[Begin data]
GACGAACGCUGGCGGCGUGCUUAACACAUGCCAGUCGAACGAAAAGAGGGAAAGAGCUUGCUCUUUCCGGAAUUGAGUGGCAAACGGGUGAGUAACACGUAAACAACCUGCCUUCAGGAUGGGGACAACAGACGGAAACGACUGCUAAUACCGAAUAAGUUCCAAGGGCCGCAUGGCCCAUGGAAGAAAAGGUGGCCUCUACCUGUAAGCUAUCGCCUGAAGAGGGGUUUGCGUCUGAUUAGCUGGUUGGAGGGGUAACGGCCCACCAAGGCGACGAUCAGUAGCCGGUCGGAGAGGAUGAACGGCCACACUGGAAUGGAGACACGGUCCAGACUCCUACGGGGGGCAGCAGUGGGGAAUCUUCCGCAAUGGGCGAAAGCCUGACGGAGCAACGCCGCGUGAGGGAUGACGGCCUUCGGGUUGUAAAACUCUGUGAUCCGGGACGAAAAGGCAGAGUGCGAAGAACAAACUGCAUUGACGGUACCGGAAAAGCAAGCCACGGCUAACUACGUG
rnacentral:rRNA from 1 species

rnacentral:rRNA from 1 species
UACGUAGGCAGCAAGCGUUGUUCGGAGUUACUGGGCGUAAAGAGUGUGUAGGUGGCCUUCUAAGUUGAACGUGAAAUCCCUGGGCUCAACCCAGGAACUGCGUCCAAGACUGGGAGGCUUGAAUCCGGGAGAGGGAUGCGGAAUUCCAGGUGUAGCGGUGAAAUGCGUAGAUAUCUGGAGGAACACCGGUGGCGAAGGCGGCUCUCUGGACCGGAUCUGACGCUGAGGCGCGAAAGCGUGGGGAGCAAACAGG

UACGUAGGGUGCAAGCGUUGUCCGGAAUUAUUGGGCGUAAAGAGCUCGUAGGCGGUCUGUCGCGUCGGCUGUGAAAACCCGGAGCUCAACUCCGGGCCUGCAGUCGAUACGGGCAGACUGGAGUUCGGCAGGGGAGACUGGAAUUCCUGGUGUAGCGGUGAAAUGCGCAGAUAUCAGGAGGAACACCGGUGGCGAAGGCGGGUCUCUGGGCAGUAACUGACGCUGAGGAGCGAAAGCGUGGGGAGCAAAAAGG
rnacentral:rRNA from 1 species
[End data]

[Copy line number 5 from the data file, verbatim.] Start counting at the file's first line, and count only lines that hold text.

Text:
UACGUAGGGUGCAAGCGUUGUCCGGAAUUAUUGGGCGUAAAGAGCUCGUAGGCGGUCUGUCGCGUCGGCUGUGAAAACCCGGAGCUCAACUCCGGGCCUGCAGUCGAUACGGGCAGACUGGAGUUCGGCAGGGGAGACUGGAAUUCCUGGUGUAGCGGUGAAAUGCGCAGAUAUCAGGAGGAACACCGGUGGCGAAGGCGGGUCUCUGGGCAGUAACUGACGCUGAGGAGCGAAAGCGUGGGGAGCAAAAAGG